3. The shows

Sunday highlights reel, with Scaramucci repping the Trump administration across the networks:

  • On Trump's tweet about pardons (in relation to the Russia investigation) — to John Dickerson on CBS's "Face the Nation": "I think that unfortunately he may have had a conversation in the Oval Office or somewhere about it. And then people rush out to leak that information to people...he's not going to pardon anybody."
  • On Scaramucci's past tweets contradicting Trump, e.g. on gun control — to Chris Wallace on "Fox News Sunday": "When I made the decision to take this job, my politics and my political ideas do not matter at all. What matters is that I am supporting — subordinating all of that to the president's agenda."
  • On whether Trump believes the Russian government hacked to influence the election — to Jake Tapper on CNN's "State of the Union": "[The President] basically said to me, hey, you know, this is — maybe they did it. Maybe they didn't do it."

4. Sneak Peek diary

The House has a busy week, with members scheduled to be voting all five days, according to a leadership source. Bills on the floor include funding bills for the Pentagon and Veterans Affairs, and a bipartisan GI bill, which the AP described as "the biggest expansion of college aid for military veterans in a decade..."

The most politically-contentious bill of the week:

  • The Russia-Iran sanctions package (which will now have North Korean sanctions added to it.) Paul Ryan and House Foreign Affairs chair Ed Royce didn't give Trump what he really wanted — which was the flexibility to lift those sanctions without going to Congress.
  • The question everyone is asking: will Trump sign a bill that ties his hands in negotiations with Putin, or will he veto it and risk having Congress humiliate him by overriding his veto?
  • The White House communications team is sending muddled messages: Sarah Huckabee Sanders told George Stephanopoulos on ABC's "This Week," today, that "we support where the legislation is now." Scaramucci, however, told Jake Tapper on CNN's "State of the Union" that the President "hasn't made the decision yet to sign that bill one way or the other."

What the West Wing will be monitoring this week:

  • Jared Kushner will testify in closed-door hearings before the Senate Intel Committee on Monday and House Intel on Tuesday. He's said he'll share everything he knows about the meetings he took with Russian ambassador Sergey Kislyak and the head of a Russian bank who has a close relationship with Vladimir Putin.
  • CNN reports that the Senate Judiciary Committee has cut a deal with Don Jr. and Manafort: The two men will give records to the committee, whose members will interview them behind closed doors before any public session. (CNN reported dates haven't been set yet for those interviews.)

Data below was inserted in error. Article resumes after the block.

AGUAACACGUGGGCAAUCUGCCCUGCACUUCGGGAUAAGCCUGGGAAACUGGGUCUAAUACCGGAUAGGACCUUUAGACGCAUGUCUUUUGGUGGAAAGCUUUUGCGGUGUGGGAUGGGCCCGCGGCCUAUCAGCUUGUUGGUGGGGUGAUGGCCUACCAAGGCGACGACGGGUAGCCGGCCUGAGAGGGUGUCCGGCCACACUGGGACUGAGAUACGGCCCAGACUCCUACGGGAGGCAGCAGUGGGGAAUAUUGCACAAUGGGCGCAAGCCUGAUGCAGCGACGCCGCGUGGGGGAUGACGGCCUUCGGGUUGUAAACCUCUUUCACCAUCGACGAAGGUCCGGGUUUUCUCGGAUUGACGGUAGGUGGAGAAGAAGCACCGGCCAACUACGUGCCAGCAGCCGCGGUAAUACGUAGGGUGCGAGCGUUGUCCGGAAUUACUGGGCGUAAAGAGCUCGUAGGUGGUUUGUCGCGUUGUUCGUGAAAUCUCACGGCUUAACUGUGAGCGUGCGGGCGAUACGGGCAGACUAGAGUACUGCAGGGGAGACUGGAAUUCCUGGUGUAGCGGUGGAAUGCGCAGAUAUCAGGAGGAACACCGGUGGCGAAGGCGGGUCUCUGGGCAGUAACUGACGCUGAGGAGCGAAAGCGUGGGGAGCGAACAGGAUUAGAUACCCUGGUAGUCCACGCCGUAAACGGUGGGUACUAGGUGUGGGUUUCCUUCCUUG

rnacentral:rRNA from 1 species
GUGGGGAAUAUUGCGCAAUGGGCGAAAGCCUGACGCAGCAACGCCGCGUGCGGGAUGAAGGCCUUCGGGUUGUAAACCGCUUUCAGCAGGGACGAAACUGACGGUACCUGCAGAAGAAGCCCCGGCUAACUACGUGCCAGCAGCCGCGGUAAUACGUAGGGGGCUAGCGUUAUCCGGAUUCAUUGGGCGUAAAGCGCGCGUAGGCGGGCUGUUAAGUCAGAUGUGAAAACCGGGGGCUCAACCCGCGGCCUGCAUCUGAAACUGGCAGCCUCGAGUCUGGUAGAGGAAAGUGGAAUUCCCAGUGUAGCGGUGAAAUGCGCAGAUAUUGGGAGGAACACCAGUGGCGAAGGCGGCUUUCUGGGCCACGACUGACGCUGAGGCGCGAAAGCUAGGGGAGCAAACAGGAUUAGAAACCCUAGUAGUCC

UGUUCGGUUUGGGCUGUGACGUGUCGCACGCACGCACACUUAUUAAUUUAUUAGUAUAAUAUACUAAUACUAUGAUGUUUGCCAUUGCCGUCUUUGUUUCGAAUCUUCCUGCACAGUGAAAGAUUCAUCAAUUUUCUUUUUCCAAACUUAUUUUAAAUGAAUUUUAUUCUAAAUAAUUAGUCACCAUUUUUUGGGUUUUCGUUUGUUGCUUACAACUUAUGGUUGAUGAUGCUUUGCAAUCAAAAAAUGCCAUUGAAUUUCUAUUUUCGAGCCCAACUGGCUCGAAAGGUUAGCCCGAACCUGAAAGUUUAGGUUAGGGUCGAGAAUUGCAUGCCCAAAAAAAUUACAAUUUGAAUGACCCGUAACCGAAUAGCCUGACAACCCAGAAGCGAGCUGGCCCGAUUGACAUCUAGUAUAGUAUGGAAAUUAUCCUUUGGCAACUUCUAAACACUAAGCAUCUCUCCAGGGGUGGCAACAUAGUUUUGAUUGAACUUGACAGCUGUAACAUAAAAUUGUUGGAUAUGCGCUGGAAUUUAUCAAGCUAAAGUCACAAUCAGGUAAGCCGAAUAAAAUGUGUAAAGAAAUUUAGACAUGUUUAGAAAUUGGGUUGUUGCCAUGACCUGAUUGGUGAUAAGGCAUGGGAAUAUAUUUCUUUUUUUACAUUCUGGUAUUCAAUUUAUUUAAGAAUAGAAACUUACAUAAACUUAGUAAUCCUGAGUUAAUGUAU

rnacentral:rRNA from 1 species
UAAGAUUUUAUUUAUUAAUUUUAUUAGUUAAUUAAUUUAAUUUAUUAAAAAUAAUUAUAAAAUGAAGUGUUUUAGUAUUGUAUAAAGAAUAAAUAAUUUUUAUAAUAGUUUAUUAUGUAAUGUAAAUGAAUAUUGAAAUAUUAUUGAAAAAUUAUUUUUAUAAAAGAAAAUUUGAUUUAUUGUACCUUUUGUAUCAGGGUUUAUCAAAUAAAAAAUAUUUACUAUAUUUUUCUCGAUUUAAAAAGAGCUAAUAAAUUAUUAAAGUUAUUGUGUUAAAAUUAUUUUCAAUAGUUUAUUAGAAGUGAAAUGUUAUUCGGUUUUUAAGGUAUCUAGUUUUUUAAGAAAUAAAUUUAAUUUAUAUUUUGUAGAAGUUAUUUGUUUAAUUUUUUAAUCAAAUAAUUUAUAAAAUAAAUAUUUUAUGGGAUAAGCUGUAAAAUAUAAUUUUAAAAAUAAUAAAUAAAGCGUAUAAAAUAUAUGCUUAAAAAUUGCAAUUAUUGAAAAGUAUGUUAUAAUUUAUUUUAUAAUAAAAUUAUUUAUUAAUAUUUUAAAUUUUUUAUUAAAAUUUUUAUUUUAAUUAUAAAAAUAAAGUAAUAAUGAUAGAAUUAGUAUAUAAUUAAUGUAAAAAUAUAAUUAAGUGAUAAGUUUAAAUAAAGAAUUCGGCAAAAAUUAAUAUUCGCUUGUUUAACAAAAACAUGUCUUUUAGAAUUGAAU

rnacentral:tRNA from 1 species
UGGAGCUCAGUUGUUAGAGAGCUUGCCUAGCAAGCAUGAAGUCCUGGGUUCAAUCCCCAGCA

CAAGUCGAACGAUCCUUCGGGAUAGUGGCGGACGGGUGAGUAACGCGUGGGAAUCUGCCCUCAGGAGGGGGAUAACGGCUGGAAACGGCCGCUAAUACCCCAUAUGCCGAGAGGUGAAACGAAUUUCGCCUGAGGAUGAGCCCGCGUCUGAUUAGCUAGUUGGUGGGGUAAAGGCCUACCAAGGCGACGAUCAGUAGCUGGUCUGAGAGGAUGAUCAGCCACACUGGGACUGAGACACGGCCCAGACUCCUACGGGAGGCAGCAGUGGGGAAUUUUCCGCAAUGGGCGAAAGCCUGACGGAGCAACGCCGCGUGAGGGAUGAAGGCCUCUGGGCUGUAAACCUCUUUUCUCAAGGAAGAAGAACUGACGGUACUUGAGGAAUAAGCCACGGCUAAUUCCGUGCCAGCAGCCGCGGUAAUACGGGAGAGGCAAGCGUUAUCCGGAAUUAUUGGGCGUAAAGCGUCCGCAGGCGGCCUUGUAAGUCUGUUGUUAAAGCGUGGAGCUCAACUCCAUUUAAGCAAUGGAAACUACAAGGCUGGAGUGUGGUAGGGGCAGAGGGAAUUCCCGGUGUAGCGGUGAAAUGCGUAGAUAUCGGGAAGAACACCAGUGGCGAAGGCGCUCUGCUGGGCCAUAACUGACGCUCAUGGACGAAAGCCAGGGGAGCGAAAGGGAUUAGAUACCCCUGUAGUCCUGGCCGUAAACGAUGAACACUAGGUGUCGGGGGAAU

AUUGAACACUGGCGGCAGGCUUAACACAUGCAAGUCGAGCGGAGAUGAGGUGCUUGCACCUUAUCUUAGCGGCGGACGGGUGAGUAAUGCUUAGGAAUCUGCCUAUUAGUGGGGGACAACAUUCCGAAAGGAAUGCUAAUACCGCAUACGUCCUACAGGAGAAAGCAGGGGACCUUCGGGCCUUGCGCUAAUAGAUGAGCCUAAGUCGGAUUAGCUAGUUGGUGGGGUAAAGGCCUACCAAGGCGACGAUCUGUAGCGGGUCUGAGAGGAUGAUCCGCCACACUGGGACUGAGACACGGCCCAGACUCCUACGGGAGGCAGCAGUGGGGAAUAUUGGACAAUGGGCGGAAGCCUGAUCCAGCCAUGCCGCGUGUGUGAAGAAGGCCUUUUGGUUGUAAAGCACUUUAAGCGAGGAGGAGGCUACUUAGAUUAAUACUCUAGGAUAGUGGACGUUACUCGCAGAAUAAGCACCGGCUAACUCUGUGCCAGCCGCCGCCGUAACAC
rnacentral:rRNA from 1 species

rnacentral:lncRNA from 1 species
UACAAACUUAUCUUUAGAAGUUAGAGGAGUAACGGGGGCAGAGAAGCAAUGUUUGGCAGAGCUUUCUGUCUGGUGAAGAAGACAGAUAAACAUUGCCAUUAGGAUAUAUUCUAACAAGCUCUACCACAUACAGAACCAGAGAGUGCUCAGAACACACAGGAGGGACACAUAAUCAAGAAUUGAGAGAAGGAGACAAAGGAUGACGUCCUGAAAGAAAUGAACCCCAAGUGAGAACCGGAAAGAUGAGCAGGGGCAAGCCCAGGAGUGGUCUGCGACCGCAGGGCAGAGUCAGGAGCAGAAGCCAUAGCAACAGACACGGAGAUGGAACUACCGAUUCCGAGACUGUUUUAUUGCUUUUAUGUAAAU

Into Israel's storm:

  • President Trump's Special Representative for International Negotiations Jason Greenblatt departed for Israel tonight to support efforts to reduce tensions in the region. We will keep you updated on Mr. Greenblatt's itinerary as we continue to monitor events on the ground, and he will be closely coordinating with Jared Kushner's office and the NSC, as well as Ambassador David Friedman and the State Department.
  • "President Trump and his administration are closely following unfolding events in the region," a senior administration official said. "The United States utterly condemns the recent terrorist violence including the horrific attack Friday night that killed three people at their Shabbat dinner table in Halamish and sends condolences to the families of the innocent victims. We are engaged in discussions with the relevant parties and are committed to finding a resolution to the ongoing security issues."

5. 1 fun thing: the Mooch 😘 emoji

A White House official, who shall remain nameless, has minted an emoji shorthand to refer to Anthony Scaramucci in the official's text message conversations with outside advisers. They now refer to him as: 😘. (It commemorates the kiss he blew to the White House press corps after his debut briefing.)

Scaramucci has plenty of company. Bannon allies have long referred to Gary Cohn as "Globalist Gary" or in text chains they use the emoji shorthand: 🌎. Some use a reindeer shorthand — 🦌— for Reince Priebus, whom they call "the prancer." (I've never quite understood that one.)